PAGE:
Skip to main content

Weekly expert-led discussions confront systemic racism

Jul 13, 2020

In response to the killing of George Floyd and the surge of Black Lives Matter protests regarding policy brutality and racism in the United States, the Indiana University Arts and Humanities Council has joined forces with the IU Center for Research on Race and Ethnicity in Society and the College Arts and Humanities Institute to offer “Confronting Racism: Conversations on Systemic Racism and Protest.” The weekly panel discussion tackling racism and its many related issues features experts from IU and other institutions.

A Black woman holds a red sign with white lettering that says
IU is offering “Confronting Racism: Conversations on Systemic Racism and Protest,” a weekly expert-led panel discussion tackling racism.Photo courtesy of Getty Images

Given the Center for Research on Race and Ethnicity in Society’s focus, it was particularly well-positioned to help launch the series, said center director Dina Okamoto, a professor of sociology in the IU Bloomington College of Arts and Sciences.

“CRRES’ mission is to advance the study of race and ethnicity in the social sciences and humanities, and the center has worked to build community and support scholars conducting cutting-edge research at IU,” Okamoto said. “Many of the speakers in the series are CRRES faculty affiliates who are experts in race, racism and protest.”

Michelle Moyd, the Ruth N. Halls Associate Professor of History at IU Bloomington and associate director of the center, was a moderator for the series’ first episode.

“The series enables CRRES to continue performing its mission under the extraordinary circumstances of COVID-19, and in the context of growing consciousness that understanding systemic racism in its many guises should be a form of basic social and political literacy,” Moyd said.

“Confronting Racism” runs through Aug. 11, streaming live at 8 p.m. every Tuesday, through the Arts and Humanities Council’s Facebook page.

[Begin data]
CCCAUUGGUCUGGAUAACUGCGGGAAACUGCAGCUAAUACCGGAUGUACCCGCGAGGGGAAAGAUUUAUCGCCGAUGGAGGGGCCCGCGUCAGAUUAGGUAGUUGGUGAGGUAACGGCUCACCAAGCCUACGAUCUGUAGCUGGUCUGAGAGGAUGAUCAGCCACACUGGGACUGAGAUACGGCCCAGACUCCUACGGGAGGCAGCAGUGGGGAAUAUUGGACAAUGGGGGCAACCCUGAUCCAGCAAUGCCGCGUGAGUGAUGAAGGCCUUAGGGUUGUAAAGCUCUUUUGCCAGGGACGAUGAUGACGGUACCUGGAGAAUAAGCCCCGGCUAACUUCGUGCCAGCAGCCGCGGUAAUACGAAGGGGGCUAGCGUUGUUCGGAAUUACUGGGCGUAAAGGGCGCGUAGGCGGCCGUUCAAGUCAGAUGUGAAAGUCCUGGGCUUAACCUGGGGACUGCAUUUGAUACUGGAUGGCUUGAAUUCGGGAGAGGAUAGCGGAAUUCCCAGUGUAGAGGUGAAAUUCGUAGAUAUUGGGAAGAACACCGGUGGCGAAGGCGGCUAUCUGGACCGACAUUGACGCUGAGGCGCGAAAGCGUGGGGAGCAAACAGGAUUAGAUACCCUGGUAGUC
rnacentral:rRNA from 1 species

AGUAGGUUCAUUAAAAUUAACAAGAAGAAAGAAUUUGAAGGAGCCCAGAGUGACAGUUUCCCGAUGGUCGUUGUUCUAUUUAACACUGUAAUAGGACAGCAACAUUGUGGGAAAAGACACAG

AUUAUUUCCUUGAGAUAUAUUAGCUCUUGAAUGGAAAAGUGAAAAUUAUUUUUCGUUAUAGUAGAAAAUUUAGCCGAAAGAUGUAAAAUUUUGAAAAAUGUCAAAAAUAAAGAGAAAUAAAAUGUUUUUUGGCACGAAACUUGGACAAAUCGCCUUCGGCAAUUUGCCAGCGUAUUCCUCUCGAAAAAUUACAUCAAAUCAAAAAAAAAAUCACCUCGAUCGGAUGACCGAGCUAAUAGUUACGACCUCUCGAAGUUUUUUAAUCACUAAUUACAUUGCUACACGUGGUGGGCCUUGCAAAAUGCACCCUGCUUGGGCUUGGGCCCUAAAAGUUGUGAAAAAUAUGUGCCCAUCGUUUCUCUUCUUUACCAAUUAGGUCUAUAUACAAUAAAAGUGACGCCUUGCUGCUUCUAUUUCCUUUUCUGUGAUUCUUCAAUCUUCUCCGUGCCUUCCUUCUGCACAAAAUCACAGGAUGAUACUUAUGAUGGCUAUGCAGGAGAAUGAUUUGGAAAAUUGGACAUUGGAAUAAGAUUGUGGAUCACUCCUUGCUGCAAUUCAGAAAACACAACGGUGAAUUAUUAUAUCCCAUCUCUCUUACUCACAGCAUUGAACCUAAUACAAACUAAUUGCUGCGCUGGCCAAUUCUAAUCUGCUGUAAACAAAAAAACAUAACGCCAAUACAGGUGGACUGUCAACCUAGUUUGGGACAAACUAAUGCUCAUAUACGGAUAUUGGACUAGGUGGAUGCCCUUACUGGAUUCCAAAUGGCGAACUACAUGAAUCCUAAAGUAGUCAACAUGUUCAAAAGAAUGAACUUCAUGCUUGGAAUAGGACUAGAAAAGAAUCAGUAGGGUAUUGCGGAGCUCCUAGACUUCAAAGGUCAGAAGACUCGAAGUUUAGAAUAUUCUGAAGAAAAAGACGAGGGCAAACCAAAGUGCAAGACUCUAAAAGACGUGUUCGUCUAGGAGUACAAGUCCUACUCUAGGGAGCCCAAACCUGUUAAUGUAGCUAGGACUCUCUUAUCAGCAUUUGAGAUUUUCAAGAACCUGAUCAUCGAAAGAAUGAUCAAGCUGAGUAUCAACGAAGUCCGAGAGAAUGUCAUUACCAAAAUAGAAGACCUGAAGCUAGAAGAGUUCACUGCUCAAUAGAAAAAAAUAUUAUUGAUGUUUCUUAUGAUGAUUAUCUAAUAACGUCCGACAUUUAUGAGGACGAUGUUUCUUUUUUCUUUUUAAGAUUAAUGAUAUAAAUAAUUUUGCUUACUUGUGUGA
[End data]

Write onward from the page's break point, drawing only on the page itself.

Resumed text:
The first two weeks of the program focused on urban geographies of violence and protest and on policing. The topic for July 14 is protest and change. The full schedule for the program is available on the council’s website.

Each panel discussion includes a mix of people with different disciplinary backgrounds.

“This series gives viewers a chance to learn about urgent, difficult issues from experts who have spent their careers studying race and ethnicity, and who are able to interpret this moment in light of their expertise,” Moyd said. “And beyond their achievements as accomplished scholars, they are outstanding educators. The series brings together the presentation of complex research with the university’s educational mission in a way that is reaching new audiences.”

In May, the Arts and Humanities Council and partners produced “Quarantine(d) Conversations,” a weekly series about COVID-19 and related phenomena, that drew hundreds of viewers. Joe Hiland, associate director for the council, predicts the “Confronting Racism” discussions will be popular well beyond their initial airings as well.

“‘Quarantine(d) Conversations’ had good, responsive crowds during the livestream, but almost all of the conversations also did really well after the week they were published, reaching hundreds of people who watched them later,” Hiland said. “For ‘Confronting Racism,’ I suspect people are going to continue to be very much interested in hearing complex and nuanced conversations about all the issues we have lined up.”

The series topics were chosen to spark conversations and “help a broad audience think critically about the role of race and racism in American society,” Okamoto said. “We had more topics than we could cover in seven weeks.”

Overall, 2020’s COVID-19 pandemic and the widespread racial justice protests have changed the way the Arts and Humanities Council thinks about its programming, even its mission, Hiland said.

“We’d been very focused on live events, such as First Thursdays and the Global Arts and Humanities Festivals, and, frankly, we’d neglected livestreaming,” he said. “Now we’ve become more flexible and creative; we’re rethinking what public arts and humanities mean, and how many platforms there are to share.”


More stories

News at IU